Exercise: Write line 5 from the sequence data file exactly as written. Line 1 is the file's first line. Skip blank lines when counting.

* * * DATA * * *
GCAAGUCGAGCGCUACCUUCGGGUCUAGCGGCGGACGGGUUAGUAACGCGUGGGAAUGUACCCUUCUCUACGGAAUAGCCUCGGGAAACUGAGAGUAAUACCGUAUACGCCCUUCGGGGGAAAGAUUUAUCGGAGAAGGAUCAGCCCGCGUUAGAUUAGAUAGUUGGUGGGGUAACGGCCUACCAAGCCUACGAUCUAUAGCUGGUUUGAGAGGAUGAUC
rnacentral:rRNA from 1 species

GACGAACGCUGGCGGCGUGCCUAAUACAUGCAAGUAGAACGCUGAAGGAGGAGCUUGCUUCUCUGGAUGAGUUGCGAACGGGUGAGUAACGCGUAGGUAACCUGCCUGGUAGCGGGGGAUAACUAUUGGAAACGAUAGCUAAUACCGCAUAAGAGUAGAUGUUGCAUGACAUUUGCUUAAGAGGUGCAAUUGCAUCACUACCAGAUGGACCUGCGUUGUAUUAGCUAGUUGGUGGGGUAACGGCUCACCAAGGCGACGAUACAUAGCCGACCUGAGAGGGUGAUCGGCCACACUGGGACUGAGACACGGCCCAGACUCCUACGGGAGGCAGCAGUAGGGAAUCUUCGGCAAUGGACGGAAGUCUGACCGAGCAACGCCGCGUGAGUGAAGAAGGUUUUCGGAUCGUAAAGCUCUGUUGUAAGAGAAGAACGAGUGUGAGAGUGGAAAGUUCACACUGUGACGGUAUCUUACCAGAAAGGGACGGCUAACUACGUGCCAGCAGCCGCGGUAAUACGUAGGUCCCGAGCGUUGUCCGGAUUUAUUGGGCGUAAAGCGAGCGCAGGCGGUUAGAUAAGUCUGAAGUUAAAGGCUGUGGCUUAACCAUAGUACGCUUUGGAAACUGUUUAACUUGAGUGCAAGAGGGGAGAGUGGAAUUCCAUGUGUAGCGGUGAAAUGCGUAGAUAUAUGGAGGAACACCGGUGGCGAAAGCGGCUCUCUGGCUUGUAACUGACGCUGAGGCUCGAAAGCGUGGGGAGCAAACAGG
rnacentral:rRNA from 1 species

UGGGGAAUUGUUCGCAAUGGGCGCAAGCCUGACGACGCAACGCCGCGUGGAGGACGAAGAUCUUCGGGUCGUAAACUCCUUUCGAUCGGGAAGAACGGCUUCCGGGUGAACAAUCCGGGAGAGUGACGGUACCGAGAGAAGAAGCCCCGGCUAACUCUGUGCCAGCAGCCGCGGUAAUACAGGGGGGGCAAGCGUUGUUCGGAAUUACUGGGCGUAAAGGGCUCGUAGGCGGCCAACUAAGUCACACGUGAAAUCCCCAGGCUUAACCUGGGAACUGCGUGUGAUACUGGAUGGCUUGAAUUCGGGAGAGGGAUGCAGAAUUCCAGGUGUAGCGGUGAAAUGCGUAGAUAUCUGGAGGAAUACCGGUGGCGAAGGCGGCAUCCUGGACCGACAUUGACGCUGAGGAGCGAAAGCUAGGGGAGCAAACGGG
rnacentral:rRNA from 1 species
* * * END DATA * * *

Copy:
UGGGGAAUUGUUCGCAAUGGGCGCAAGCCUGACGACGCAACGCCGCGUGGAGGACGAAGAUCUUCGGGUCGUAAACUCCUUUCGAUCGGGAAGAACGGCUUCCGGGUGAACAAUCCGGGAGAGUGACGGUACCGAGAGAAGAAGCCCCGGCUAACUCUGUGCCAGCAGCCGCGGUAAUACAGGGGGGGCAAGCGUUGUUCGGAAUUACUGGGCGUAAAGGGCUCGUAGGCGGCCAACUAAGUCACACGUGAAAUCCCCAGGCUUAACCUGGGAACUGCGUGUGAUACUGGAUGGCUUGAAUUCGGGAGAGGGAUGCAGAAUUCCAGGUGUAGCGGUGAAAUGCGUAGAUAUCUGGAGGAAUACCGGUGGCGAAGGCGGCAUCCUGGACCGACAUUGACGCUGAGGAGCGAAAGCUAGGGGAGCAAACGGG